OCT-A stands for optical coherence tomography-angiography, which is a promising technology still under investigation. Currently, fluorescein angiography (FA) is the standard of care for evaluating numerous retinal diseases, but it requires the intravenous injection of a dye with subsequent photography to visualize the retinal vasculature. OCT-A, on the other hand, allows for the noninvasive imaging of the retinal vasculature. 

Instead of using the optical scattering properties of tissue to provide 3-D images, which normal OCT does, OCT-A looks at the variation in the intensity and phase of the light caused by the flow of red blood cells. OCT-A differs from FA in that the OCT-A signal reflects off of red blood cells, rather than being emitted by fluorescein dye. Based on the properties of the light reflected from these blood cells, we can tell that blood cells are in motion and identify retinal vessels.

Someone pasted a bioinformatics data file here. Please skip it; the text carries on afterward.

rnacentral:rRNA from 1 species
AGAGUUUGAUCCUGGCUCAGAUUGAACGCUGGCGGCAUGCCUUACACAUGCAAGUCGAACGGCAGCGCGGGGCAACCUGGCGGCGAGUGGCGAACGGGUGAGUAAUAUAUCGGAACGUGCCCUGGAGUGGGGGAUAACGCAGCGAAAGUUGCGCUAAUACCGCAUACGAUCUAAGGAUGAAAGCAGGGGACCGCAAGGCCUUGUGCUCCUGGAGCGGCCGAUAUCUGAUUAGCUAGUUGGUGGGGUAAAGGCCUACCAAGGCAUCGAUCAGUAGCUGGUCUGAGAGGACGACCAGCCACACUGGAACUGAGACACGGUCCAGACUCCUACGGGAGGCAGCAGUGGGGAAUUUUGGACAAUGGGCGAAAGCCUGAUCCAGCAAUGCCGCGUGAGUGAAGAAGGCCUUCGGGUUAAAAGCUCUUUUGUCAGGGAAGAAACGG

What are the primary advantages of OCT-A?

The primary clinical benefit of OCT-A is that the clinician can image both eyes as many times as desired without the need for intravenous dye injection. If the patient blinks, for example, retaking the picture requires only a few seconds. OCT-A can eliminate the complicated step (as well as the potential side effects) of injecting the patient with dye, and also the time-sensitive process of capturing a series of images during the circulation of the dye. Being able to conveniently image both eyes is a huge benefit compared to fluorescein, where the doctor has to choose the “most important” eye for imaging. 

Also, the small-vessel resolution of OCT-A is in many cases superior to FA. In fact, it is very close to the resolution of histology in some ways. 

how are you testing oct-a clinically?

Currently, my team and I are testing OCT-A on the ZEISS CIRRUS device in a number of investigator-initiated, IRB-approved research studies. We are applying this imaging technology to eyes that have diseases affecting the retinal vasculature, such as diabetic retinopathy, retinal vein occlusions, retinal arteriolar occlusions, etc. We are also starting to examine diseases that affect the choroidal vessels. 

In many cases, I foresee OCT-A to be a viable alternative to fluorescein angiography, because it is faster, non-invasive, and has excellent spatial resolution

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